Satisfied with the steps that have been taken by the government in compensating victims of faulty implants manufactured by US-based pharma major Johnson and Johnson (J&J), the Supreme Court on Friday accepted the principles of the formula that have been recommended to pay damages between Rs 30 lakh and Rs 1.22 crore to the patients fitted with the controversial hip implants between 2004 and 2010.
A Bench led by Chief Justice Ranjan Gogoi disposed of the PIL, filed by one Arun Kumar Goenka, that sought action against the multinational for manufacturing faulty hip implants after noting the steps being taken by the government to help victims.
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While accepting the government’s formula, according to which patients will get compensations between Rs 30 lakh and Rs 1.23 crore depending on their age and the level of disability, the judges asked the health ministry to give wide publicity to the scheme and also directed the health ministry expert committee headed by Dr Arun Agarwal to expeditiously compensate the victims.
The panel, which found the implants to be potentially toxic and unsafe for patients, had recommended that patients suffering as a result of the product be compensated.
The apex court also rejected Johnson and Johnson’s plea challenging the basis of the formula. It refused to say that the order in the PIL will not influence the case which the company has filed in the Delhi High Court.
In December, the HC had refused to grant any relief to J&J, which has challenged the Centre’s compensation formula, saying since the apex court is seized off matter it was not inclined to pass any orders. The US firm had asked the high court to quash the formula and direct the government not to take any coercive steps against it.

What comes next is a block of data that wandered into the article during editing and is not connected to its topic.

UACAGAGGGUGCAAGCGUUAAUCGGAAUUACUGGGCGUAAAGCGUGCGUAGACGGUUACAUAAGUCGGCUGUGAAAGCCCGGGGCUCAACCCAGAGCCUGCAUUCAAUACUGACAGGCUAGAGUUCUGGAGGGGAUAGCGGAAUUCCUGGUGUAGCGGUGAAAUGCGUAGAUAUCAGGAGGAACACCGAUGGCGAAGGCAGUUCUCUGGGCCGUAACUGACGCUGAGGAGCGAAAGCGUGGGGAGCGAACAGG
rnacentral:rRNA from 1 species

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The PIL in the SC had sought investigations into imports of alleged “faulty” and “deadly” hip implants without any proper clinical trial. Goenka had also sought a direction to the Centre to advertise about recall of J&J’s hip implant devices, manufactured by its subsidiary DePuy Orthopaedics, and devise a mechanism to ensure safety of 14,525 Indian patients who had undergone the hip replacement surgeries since 2005.
The ASR hip implants were found to be faulty, resulting in higher revision surgeries. The firm had recalled the devices on August 24, 2010 from the US market. The implants had allegedly lead to higher levels of cobalt and chromium in the blood which lead to toxicity, thus causing increased pain and decreased mobility in patients.
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J&J’s hip implant devices, manufactured by its subsidiary DePuy Orthopaedics, were first cleared by the United States Food and Drug Administration (USFDA) in 2005. Following red flags on the rising number of revision surgeries, the firm recalled the devices on August 24, 2010.
The firms “illegally sold DePuy ASR Hip Implants in India from 2005 to 2006. In fact, J&J applied for Import license only on December 6, 2006 and was granted license by Drug Controller (India) on December 15, 2006; however, showing contempt and disregard to Indian Laws for safety of Indian citizens, Respondents (the firms) imported and sold the implants even without imports license,” it said.
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Goenka said that the company had to pay $4.40 billion to over 9,000 victims of faulty implants in the USA, and in India no such measures have been undertaken. “As on date, more than 1,500 law suits are pending in the Federal Courts in USA,” it added.